would that work with readonly fields as well? i mean readonly as in 'c# readonly' keyword, not 'without public setter'. I'm afraid not.

Geoff Bennett
08/01/2008 06:22 AM by
Geoff Bennett

@Krzysztof,

Well, you're right there. :) However, what is the actual desired behaviour you're trying to achieve? Is it that a consumer of the class can't alter the property value or reference? Then relaxing the readonly requirement and adding the private setter might get you the desired result.

Krzysztof Koźmic
08/01/2008 07:35 AM by
Krzysztof Koźmic

@Geoff

Are you suggesting code like this?

public class Customer

{

public Name Name { get; private set; }

private Customer(){} //to satisfy NHibernate

public Customer(Name name) {Name = name; }

}

Yes, this would get the job done, in this case.

However it smells. I don't want to throw buzzwords at you, but now I have to design my entity having limitation of specific persisting framework in mind, whereas it should really be persistence agnostic.

What will the next guy do, when he comes to change the code two years from now, when I'm long gone from that project? This approach simply can't guaranty that he won't change the field somewhere in his new added code, breaking my whole assumptions about it.

Sure I can add NDepend rule to check that the field is modified only from within NHibernate and fail the build but it's really a lot of overhead to satisfy 3rd party framework in my domain model.

No flames please :)

Letting 3rd parties in would really be not a good idea, but maybe extending NHibernate to handle simple cases like that is a goal worth giving a thought? As for lazy loading, well, maybe I don't care about it that much. Maybe I always want to use Name wherever I use Customer so lazy loading does not make sense for it anyway?

Paul Cowan
08/01/2008 07:41 AM by
Paul Cowan

Should encryption not be only one way?

Is it not bad practice to have an algorithm that can be decrypted?

Ayende Rahien
08/01/2008 10:16 AM by
Ayende Rahien

Krzysztof ,

Extending NH is the way to go in this scenario

Ayende Rahien
08/01/2008 10:17 AM by
Ayende Rahien

Paul,

One way encryption is fairly useless.

How do I get the email back ?

Paul Cowan
08/01/2008 10:27 AM by
Paul Cowan

How do I get the email back

You cannot get the email back but it is the safest way.

It all depends on the level of security you are after.

You store the users password as encrypted in the database and when they come to log in, you encrypt their password input and check it against the database.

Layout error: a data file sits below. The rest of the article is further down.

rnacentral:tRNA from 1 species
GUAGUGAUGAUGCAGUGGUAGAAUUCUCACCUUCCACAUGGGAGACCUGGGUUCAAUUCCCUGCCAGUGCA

It is not reversible and therefore the safest way.

Saying that SHA1 is no longer deemed safe.

We use SHA256.

Ayende Rahien
08/01/2008 10:36 AM by
Ayende Rahien

Paul,

You seem to be confusing the issue of needing to find a match and needing to get the data.

Password vs. Email is the simple case.

I don't care what your password is, I just need to match it: hash it.

I don't want your email in clear text in my DB, but I still need to access it so I can send you stuff: encrypt it.

Chadly
08/03/2008 09:43 PM by
Chadly

What if I wanted to pass in the CryptoProvider instance to the IUserType class via dependency injection instead of through static singleton? Does NHibernate support this?

Or in this particular case, would having the IUserType class have a reference to the dependency container be "ok" practice?

Ayende Rahien
08/03/2008 09:53 PM by
Ayende Rahien

No, NHibernate doesn't support this.

And I consider this an OK solution, because IUserType is part of the infrastructure

Chris Ortman
08/04/2008 12:50 PM by
Chris Ortman

Ayende, what are your thoughts on using this approach versus setting up the dependencies in an implementation of IUserRepository?

Ayende Rahien
08/04/2008 07:38 PM by
Ayende Rahien

No issue with that, the UserRepositoryImpl is another infrastructure service

Riley Taylor
08/07/2008 02:06 PM by
Riley Taylor

Ayende, are you sure your below method is complete? Looks like it never actually persists anything:

public void NullSafeSet(IDbCommand cmd, object value, int index)

{

    object paramVal = DBNull.Value;

    if (value != null)

        paramVal = CryptoProvider.Instance.Encrypt((string) value);

    IDataParameter parameter = (IDataParameter)cmd.Parameters[index];

    parameter.Value = paramVal;

}
Riley Taylor
08/07/2008 02:18 PM by
Riley Taylor

Ah - never mind - reflecting around, I see that the job of this method is just to mutate the IDbCommand appropriately.